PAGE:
Reggie Jackson

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Reggie Jackson : biography

May 18, 1946 –

Jackson graduated from Cheltenham High School in 1964, where he excelled in football, basketball, baseball, and track and field. In his junior year of high-school, Jackson, a tailback, tore up his knee in an early season game. He was told by the doctors he was never to play football again, but Jackson returned for the final game of the season. In that game, Jackson fractured five cervical vertebrae, which caused him to spend six weeks in the hospital, and another month in a neck cast. Doctors told Jackson that he might never walk again, let alone play football, but Jackson defied the odds again. On the baseball team, he batted .550 and threw several no-hitters. In the middle of his senior year, Jackson’s father was arrested for bootlegging and was sentenced to six months in jail.

Collegiate career

In football, he was scouted by Alabama, Georgia, and Oklahoma, all of whom were willing to break the color barrier just for Jackson. Jackson declined Alabama and Georgia because he was fearful of the South at the time, and declined Oklahoma because they told him to stop dating white girls. For baseball, Jackson was scouted by Hans Lobert of the San Francisco Giants who was desperate to sign him. The Los Angeles Dodgers and Minnesota Twins also made offers, and the hometown Philadelphia Phillies gave him a tryout, but declined because of his "hitting skills". His father wanted his son to go to college, where Jackson wanted to play both football and baseball. He decided to attend Arizona State University on a football scholarship. His high-school football coach knew the football coach for Arizona State Frank Kush, and they discussed the possibility of him playing both sports. After a recruiting trip, Kush decided that Jackson had the ability and willingness to work to join the squad.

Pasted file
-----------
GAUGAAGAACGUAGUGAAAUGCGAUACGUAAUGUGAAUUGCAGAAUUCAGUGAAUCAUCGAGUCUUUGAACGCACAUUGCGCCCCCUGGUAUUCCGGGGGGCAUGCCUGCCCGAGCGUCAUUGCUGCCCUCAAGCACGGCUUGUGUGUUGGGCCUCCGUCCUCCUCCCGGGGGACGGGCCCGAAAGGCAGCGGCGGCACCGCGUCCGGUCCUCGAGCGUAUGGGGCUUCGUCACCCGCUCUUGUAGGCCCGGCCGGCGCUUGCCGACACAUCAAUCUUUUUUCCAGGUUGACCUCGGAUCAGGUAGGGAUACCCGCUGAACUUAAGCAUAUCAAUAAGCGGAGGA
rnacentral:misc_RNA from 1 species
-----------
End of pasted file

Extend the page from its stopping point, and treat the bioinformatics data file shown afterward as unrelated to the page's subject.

One day after football practice, he approached baseball coach Bobby Winkles asking if he could join the team. Winkles said he would give Jackson a look, and the next day while still in his football gear, he hit a home run on the second pitch he saw. In five at bats he hit three home runs. He was allowed to practice with the team, but couldn’t join the squad because the NCAA had a rule forbidding the use of freshman players. Jackson switched permanently to baseball following his freshman year, as he didn’t want to become a defensive back. To hone his skills, Winkles assigned him to a Baltimore Orioles-affiliated amateur team. He broke numerous team records for the squad, and the Orioles offered him a $50,000 signing bonus if he joined the team. Jackson declined the offer stating that he doesn’t want to forfeit his college scholarship. In the beginning of his sophomore year Jackson replaced Rick Monday (who was the first player ever drafted in the Major League Baseball Draft) at center field. During that season he broke the team record for most home runs in a single season, led the team in numerous other categories and was first team All-American. Many scouts were looking at him play, including Tom Greenwade of the New York Yankees (who discovered Mickey Mantle), and Danny Murtaugh of the Pittsburgh Pirates. In his final game at Arizona State, he showed his potential by being only a triple away from hitting for the cycle, making a sliding catch, and having an assist at home plate. Jackson was the first college player to hit a home run out of Phoenix Municipal Stadium.Charlie Finley: The Outrageous Story of Baseball’s Super Showman, p.84, G. Michael Green and Roger D. Launius. Walker Publishing Company, New York, 2010, ISBN 978-0-8027-1745-0

Personal life

During his freshman year at Arizona State, he met Jennie Campos, a Mexican-American. Jackson asked Campos on a date, and discovered many similarities, including the ability to speak Spanish, and being raised in a single parent home (Campos’s father was killed in the Korean War). An assistant football coach tried to break up the couple because Jackson was black and Campos was considered white. The coach contacted Campos’s uncle, a wealthy benefactor of the school, and he warned the couple that their being together was a bad idea. But the relationship held up and she later became his first wife. Jackson has been divorced since 1973. Kimberly, his only child, was born in the 1990s.